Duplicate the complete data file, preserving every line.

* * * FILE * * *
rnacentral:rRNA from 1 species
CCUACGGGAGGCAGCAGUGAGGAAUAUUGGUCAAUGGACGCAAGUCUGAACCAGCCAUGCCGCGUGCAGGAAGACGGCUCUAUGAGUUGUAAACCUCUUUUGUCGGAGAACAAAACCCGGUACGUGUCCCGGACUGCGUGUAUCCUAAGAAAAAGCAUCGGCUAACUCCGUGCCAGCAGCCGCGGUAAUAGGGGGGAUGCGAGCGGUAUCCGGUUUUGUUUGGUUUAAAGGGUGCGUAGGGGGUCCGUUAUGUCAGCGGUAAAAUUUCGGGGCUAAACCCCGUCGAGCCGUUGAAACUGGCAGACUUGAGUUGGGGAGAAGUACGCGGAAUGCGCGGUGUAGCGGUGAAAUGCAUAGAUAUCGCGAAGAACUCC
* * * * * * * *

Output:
rnacentral:rRNA from 1 species
CCUACGGGAGGCAGCAGUGAGGAAUAUUGGUCAAUGGACGCAAGUCUGAACCAGCCAUGCCGCGUGCAGGAAGACGGCUCUAUGAGUUGUAAACCUCUUUUGUCGGAGAACAAAACCCGGUACGUGUCCCGGACUGCGUGUAUCCUAAGAAAAAGCAUCGGCUAACUCCGUGCCAGCAGCCGCGGUAAUAGGGGGGAUGCGAGCGGUAUCCGGUUUUGUUUGGUUUAAAGGGUGCGUAGGGGGUCCGUUAUGUCAGCGGUAAAAUUUCGGGGCUAAACCCCGUCGAGCCGUUGAAACUGGCAGACUUGAGUUGGGGAGAAGUACGCGGAAUGCGCGGUGUAGCGGUGAAAUGCAUAGAUAUCGCGAAGAACUCC